[PyKDE] compiled vs interpreted languages and Qt

Greg Fortune lists at gregfortune.com
Sat Sep 21 02:44:00 BST 2002

> > I guess this is where my main concern lies...  By using PyQt and
> > distributing a library that allows the user to develop applications using
> > Qt, I'm clearly violating Qt's license.  It would seem this would be true
> > for *any* interpreted language and even any application that provides
> > signifigant scripting capabilities, etc....
> I'll try again. You are not distributing a library, you are distributing a
> package. That package includes the library. So long as that package also
> includes an EULA that states what the user is, and is not, allowed to do
> with the library then (in my opinion - and it's only my opinion) you are
> not violating your Qt license. If you want your users to be able to use the
> library to provide access to the Qt API then they need their own copy of Qt
> commercial.

Good, that would be a simple solution.  I'll contact trolltech seperately to 
make sure this is acceptable...  If anyone else is interested in the response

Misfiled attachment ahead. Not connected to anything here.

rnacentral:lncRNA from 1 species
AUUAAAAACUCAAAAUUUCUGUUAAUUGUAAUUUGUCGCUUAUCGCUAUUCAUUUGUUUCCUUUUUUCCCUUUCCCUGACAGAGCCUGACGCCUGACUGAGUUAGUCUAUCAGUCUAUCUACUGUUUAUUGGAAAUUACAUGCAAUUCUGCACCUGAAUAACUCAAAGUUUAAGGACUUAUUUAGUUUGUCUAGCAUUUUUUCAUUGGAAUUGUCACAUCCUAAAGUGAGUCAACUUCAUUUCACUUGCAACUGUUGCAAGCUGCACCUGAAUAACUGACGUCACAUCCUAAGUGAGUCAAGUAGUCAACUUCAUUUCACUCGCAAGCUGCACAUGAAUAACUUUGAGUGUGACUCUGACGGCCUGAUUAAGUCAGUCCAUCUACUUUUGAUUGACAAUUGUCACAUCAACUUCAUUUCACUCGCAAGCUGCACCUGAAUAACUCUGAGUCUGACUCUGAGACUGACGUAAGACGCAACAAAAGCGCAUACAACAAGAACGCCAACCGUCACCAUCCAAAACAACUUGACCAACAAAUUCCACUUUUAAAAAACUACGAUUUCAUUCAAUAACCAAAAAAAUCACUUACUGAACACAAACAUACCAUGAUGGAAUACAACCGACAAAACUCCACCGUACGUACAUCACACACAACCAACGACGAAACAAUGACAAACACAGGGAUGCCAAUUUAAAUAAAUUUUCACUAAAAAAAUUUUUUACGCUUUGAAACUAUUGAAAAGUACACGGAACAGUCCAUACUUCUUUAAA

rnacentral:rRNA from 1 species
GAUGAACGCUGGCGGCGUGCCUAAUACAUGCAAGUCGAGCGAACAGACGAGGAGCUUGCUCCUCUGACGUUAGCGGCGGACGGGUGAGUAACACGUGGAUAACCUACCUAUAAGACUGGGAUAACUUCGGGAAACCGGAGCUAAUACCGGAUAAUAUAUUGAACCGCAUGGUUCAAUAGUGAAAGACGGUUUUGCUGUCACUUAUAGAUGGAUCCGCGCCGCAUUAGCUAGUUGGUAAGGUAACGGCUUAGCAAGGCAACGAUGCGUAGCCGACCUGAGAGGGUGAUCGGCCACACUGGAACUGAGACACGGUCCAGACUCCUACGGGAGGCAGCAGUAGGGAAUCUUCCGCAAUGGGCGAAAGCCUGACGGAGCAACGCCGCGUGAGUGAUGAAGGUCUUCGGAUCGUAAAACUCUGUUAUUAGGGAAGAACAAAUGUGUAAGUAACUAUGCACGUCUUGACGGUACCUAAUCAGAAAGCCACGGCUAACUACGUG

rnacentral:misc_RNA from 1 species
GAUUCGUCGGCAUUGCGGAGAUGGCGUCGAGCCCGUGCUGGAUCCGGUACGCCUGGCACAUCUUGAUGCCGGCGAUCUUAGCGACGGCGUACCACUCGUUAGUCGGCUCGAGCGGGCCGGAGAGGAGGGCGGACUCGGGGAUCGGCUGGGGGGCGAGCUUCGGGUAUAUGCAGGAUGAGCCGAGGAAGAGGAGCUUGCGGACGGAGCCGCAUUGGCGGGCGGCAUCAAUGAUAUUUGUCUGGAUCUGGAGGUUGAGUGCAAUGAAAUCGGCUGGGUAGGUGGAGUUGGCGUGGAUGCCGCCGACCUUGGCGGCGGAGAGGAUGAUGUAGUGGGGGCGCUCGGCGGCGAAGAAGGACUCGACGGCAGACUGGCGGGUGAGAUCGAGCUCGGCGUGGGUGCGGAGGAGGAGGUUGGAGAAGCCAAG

(ie, what are the developer's obligations when using an interpreted 
language), let me know and I'll forward the respone when I get it.

> > > BTW, I have not seen any FAQ on PyQt by trolltech ... where can I find
> > > that and/or what does it say?
> >
> > Me too ;o)
> It's not a PyQt FAQ, it's a PyQt related question in the Qt FAQ.
> > For reference, check out the Qt mailing list.  Looks like this issue is
> > being hashed over yet again.  Basically, it sounds like Trolltech has
> > decided not to pursue the open source Windows Qt market.  Sorry for
> > bringing up the GPL/win32 discussion here.  I hadn't dug on the Qt
> > mailing list about the windows non-commercial license until today.
> >
> > The issue I should have raised is how does this affect interpreted
> > languages as opposed to compiled languages?  Is it even possible to use
> > Python with Qt?
> The FAQ answer states that it is. The other precedent that I forgot to
> mention before is that Trolltech donated a commercial Qt license to me for
> 2 successive years (up until June this year) so that I could support PyQt
> under Windows. Since June I chose to purchase my own copy of Qt as I was
> planning the commercial edition of PyQt and it would have been morally
> wrong to continue to accept the donation in that situation.

It sure does :)  That makes me feel a lot more comfortable although I'm still 
going to make sure that my obligations are fulfilled by a restrictive license 
agreement in my own products.

Thanks for clearing that up,

Greg Fortune

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